Communications Blog • 3 MIN READ

What Alphabet Means for Google and Enterprise Communications

Ed Brooks

Written by Ed Brooks

Google recently reorganized itself under a self-created parent company called Alphabet. The announcement left many of us scratching our heads. Google is a well-known brand — what do they have to gain by creating Alphabet? Focus. Google will make investors happy by growing its traditional search business. At the same time, Alphabet will be able to keep shooting for the moon with new ideas.

Alphabet gives Google additional freedom to be creative. They'll be able to explore areas in greater depth, which wouldn't have been possible unless they built Alphabet as a creative umbrella. Now that the company isn't completely tied to growing the search business, Google Hangouts and other collaboration solutions can shift into separate businesses under Alphabet. This move will undoubtedly have a profound effect on the enterprise.

Google has historically focused on the consumer when it comes to communications. Google Voice allows smartphone users to have a single number that rings across multiple devices (including the few remaining landline phones that are still out there). Google+ is an approach to compete with Facebook. Google Hangouts is an attempt to directly compete with Skype. All of these ideas now have the chance to grow, improve, and permeate enterprise.

How will Alphabet establish themselves in the enterprise community? They would probably lose the battle with an attempt to compete on feature parity. Instead, they'll likely compete on price first, followed by increasing the value of their offering. We've seen Google Mail, Google Apps, and Google Drive do around 90 percent of what people need in the enterprise. If Google can challenge Microsoft with a significantly lower cost, it wouldn't hurt for businesses to give them a try.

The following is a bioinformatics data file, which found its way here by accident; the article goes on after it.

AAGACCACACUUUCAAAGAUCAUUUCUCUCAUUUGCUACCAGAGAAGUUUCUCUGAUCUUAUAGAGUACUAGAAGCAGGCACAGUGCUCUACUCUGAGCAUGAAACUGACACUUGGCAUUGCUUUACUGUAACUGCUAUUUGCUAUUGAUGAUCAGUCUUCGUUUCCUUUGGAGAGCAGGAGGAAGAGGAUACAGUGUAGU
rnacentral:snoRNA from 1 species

Similar to what Microsoft has done with Skype and Skype for Business, Alphabet has a chance to win the hearts and minds of enterprise users. Google Voice will embed itself into small parts of the enterprise and grow from there. Brands like Google Hangouts will also become more recognizable.

Google is taking an interesting approach to communications technology. Look at Google Fi, which is Google's MVNO solution to provide all-in-one wireless access. Ultimately, this kind of approach will open the door for Google to compete head-to-head against the likes of Microsoft Skype for Business, Avaya, and Cisco.

Google began by completely changing how we understand search. More recently, they've used their resources to improve the implementation of already-existing ideas. Alphabet will meld existing technologies like Hangouts, Google Voice, and potentially Google Fi to become a one-stop shop. There's an opportunity to build new and creative ways to change enterprise communications.

It was interesting to witness Google's approach firsthand at the Enterprise Connect keynote. Microsoft had a very structured method of stating exactly what they planned to do in the future. Google, by contrast, took a much broader stance. They showed all the individual puzzle pieces that they had, but they didn't necessarily know how to fit those pieces together.

If Google gets their way, Alphabet will be the solution.

Topics: Communications

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